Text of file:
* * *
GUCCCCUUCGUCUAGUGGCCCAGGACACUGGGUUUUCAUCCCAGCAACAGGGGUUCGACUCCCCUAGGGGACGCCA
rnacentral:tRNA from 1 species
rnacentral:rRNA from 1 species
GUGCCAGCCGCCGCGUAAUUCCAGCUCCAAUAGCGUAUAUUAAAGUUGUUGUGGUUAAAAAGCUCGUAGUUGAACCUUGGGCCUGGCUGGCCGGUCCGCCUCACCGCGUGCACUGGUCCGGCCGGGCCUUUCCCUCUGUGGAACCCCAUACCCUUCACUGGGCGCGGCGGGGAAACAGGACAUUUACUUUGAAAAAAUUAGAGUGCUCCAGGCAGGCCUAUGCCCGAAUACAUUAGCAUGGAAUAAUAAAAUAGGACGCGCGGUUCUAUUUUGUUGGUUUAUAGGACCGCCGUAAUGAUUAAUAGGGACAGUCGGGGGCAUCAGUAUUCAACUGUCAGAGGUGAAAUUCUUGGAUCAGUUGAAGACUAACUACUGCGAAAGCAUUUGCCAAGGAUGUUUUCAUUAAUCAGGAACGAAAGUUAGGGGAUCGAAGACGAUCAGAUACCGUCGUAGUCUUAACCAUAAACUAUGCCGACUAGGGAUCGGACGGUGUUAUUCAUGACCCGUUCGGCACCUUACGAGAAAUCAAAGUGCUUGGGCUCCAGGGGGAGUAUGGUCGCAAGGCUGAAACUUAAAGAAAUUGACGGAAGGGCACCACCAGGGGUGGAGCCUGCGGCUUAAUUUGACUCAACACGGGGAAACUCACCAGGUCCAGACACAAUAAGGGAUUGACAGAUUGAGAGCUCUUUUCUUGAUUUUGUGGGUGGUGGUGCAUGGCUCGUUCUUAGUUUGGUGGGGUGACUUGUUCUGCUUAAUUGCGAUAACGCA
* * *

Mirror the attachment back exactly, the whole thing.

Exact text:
GUCCCCUUCGUCUAGUGGCCCAGGACACUGGGUUUUCAUCCCAGCAACAGGGGUUCGACUCCCCUAGGGGACGCCA
rnacentral:tRNA from 1 species
rnacentral:rRNA from 1 species
GUGCCAGCCGCCGCGUAAUUCCAGCUCCAAUAGCGUAUAUUAAAGUUGUUGUGGUUAAAAAGCUCGUAGUUGAACCUUGGGCCUGGCUGGCCGGUCCGCCUCACCGCGUGCACUGGUCCGGCCGGGCCUUUCCCUCUGUGGAACCCCAUACCCUUCACUGGGCGCGGCGGGGAAACAGGACAUUUACUUUGAAAAAAUUAGAGUGCUCCAGGCAGGCCUAUGCCCGAAUACAUUAGCAUGGAAUAAUAAAAUAGGACGCGCGGUUCUAUUUUGUUGGUUUAUAGGACCGCCGUAAUGAUUAAUAGGGACAGUCGGGGGCAUCAGUAUUCAACUGUCAGAGGUGAAAUUCUUGGAUCAGUUGAAGACUAACUACUGCGAAAGCAUUUGCCAAGGAUGUUUUCAUUAAUCAGGAACGAAAGUUAGGGGAUCGAAGACGAUCAGAUACCGUCGUAGUCUUAACCAUAAACUAUGCCGACUAGGGAUCGGACGGUGUUAUUCAUGACCCGUUCGGCACCUUACGAGAAAUCAAAGUGCUUGGGCUCCAGGGGGAGUAUGGUCGCAAGGCUGAAACUUAAAGAAAUUGACGGAAGGGCACCACCAGGGGUGGAGCCUGCGGCUUAAUUUGACUCAACACGGGGAAACUCACCAGGUCCAGACACAAUAAGGGAUUGACAGAUUGAGAGCUCUUUUCUUGAUUUUGUGGGUGGUGGUGCAUGGCUCGUUCUUAGUUUGGUGGGGUGACUUGUUCUGCUUAAUUGCGAUAACGCA